4 Steps You Can Take to Cope with Seasonal Allergies
Spring is a beautiful time of year, but all the blooms and buds can cause sneezing, itchy eyes, runny noses and other uncomfortable symptoms for people who have seasonal allergies.
But before you let your seasonal allergies prevent you from enjoying the outdoors this spring, there are some steps you can take that may be able to bring your symptoms under control.
Step 1: Identify your allergy triggers.
Seasonal allergy symptoms flare up when your immune system overreacts to allergens, or “triggers,” such as mold and pollen from trees, grass, and weeds. Knowing your triggers can help you figure out the best way to control your allergy symptoms.
In some cases, you may be able to figure out your triggers on your own by paying attention to when your allergy symptoms flare up. For example, if you get itchy eyes and a runny nose every time you mow your lawn, you may be allergic to grass pollen.
However, triggers are not always so obvious—and there is a possibility that you could have multiple seasonal allergy triggers. If you have severe seasonal allergies and are having a hard time figuring out the cause, you might want to ask your primary healthcare provider about seeing an allergist. An allergist can perform skin tests or blood tests that can help you identify your triggers.
Step 2: Limit your outdoor exposure to allergy triggers.
Limiting your exposure to allergy triggers may seem like common sense, but it can be difficult if you want to spend time outdoors. That’s because pollen and mold are airborne, which means you could potentially breathe them in anytime you step outside.
Here are some things you can do to minimize your exposure to outdoor allergy triggers:
- Stay inside when it is windy and dry, or when pollen counts are high.
- Avoid going outside during peak pollen times of day (usually evening in the spring and summer, and morning in the fall).
- Hire someone or ask a family member to help with outdoor tasks that cause you to have symptoms, such as cutting grass or weeding your garden.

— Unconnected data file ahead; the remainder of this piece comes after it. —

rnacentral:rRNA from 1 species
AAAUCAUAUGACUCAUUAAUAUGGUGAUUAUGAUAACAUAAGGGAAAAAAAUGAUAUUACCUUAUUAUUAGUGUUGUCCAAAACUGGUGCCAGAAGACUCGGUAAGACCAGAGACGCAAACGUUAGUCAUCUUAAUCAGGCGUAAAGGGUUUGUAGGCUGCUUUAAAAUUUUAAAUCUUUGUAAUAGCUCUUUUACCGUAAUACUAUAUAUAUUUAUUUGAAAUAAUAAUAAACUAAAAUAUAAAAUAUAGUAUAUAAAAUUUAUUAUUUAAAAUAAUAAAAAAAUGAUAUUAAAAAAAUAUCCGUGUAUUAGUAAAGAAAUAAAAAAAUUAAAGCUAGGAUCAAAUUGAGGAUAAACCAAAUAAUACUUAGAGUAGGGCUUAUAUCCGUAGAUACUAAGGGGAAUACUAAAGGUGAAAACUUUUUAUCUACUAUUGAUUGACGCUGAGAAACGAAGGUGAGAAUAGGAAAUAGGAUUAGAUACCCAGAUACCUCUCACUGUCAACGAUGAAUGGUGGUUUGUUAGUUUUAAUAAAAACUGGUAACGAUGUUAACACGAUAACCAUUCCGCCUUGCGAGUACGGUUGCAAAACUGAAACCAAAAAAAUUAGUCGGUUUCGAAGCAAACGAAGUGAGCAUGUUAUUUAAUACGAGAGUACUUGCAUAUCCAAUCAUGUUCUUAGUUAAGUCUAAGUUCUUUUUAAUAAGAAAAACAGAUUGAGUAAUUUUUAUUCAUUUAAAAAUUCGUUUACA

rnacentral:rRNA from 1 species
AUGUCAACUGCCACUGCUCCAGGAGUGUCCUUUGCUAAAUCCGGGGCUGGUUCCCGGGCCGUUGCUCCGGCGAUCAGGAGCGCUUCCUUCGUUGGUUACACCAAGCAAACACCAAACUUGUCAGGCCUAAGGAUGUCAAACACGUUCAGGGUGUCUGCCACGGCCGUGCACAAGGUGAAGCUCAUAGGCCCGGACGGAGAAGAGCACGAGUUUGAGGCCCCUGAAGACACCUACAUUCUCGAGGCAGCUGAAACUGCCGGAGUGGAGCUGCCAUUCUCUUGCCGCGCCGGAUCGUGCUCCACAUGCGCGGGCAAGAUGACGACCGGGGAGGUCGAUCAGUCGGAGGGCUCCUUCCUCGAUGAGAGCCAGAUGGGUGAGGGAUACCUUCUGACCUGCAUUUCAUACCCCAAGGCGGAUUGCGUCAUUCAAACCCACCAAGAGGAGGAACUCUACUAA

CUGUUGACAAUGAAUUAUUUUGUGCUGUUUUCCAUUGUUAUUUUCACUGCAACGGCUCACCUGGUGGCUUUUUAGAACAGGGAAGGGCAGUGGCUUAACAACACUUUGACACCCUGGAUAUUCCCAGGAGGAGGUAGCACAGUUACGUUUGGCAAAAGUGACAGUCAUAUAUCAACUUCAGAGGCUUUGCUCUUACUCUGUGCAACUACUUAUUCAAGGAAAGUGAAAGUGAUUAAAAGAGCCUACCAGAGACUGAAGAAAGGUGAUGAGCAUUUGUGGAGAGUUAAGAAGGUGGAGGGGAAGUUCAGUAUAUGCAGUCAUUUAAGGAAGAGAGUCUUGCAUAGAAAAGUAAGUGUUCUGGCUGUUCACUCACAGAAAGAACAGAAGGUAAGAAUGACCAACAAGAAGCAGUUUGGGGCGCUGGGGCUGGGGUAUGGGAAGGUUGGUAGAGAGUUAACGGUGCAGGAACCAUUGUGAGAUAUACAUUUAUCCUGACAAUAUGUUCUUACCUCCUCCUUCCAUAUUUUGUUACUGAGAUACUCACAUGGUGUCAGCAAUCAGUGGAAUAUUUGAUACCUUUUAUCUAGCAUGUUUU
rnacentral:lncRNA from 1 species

- Wear a pollen mask if you are working outside.
Step 3: Avoid bringing outdoor allergy triggers inside.
Keeping allergens out of your home can be especially challenging. However, there are a few extra steps you can take to help, including:
- Removing and washing clothes worn outdoors.
- Showering after being outdoors.
- Using the clothes dryer instead of hanging laundry outside.
- Keeping doors and windows closed, especially when pollen counts are high.
Another thing that people with seasonal allergies sometimes overlook is their pets. Although you may not be allergic to your cat or dog, animals that spend time outdoors can collect allergens on their fur and bring them into your home. Regularly bathing and brushing your pet and vacuuming any furniture, beds or carpets where your pet spends time may help.
Step 4: Treat allergy symptoms.
There are several over-the-counter allergy medications that might be able to help you control your symptoms, including:
- Antihistamines. These medications relieve symptoms such as a runny nose, itchy eyes, and sneezing.
- Decongestants. These medications relieve a stuffy nose and come in pill, liquid or nasal spray form.
- Combination medications. These medications include a decongestant and an antihistamine.
However, before you start taking a new medication, it is a good idea to talk to your primary healthcare provider to find out which would be best for your symptoms. You also should make sure the medication is safe for you.
If your allergies are severe or do not get better with over-the-counter medications, your primary healthcare provider can refer you to an allergist for help.
An allergist may be able to offer another treatment option called allergen immunotherapy, which is commonly known as allergy shots. Allergy shots require you to get a series of injections that contain a small amount of the allergen. The shots work by reducing your immune system’s response to the allergen over time. Allergen immunotherapy for certain allergies can be given using tablets that dissolve under your tongue.
If you are suffering from seasonal allergies, the nurse practitioners (NPs) at The Nurse’s Office are here for you. To find out more about how the NPs at The Nurse’s Office can help you manage your seasonal allergy symptoms, visit www.thenursesoffice.com, contact us or call (860) 603-3541 or walk in for immediate care.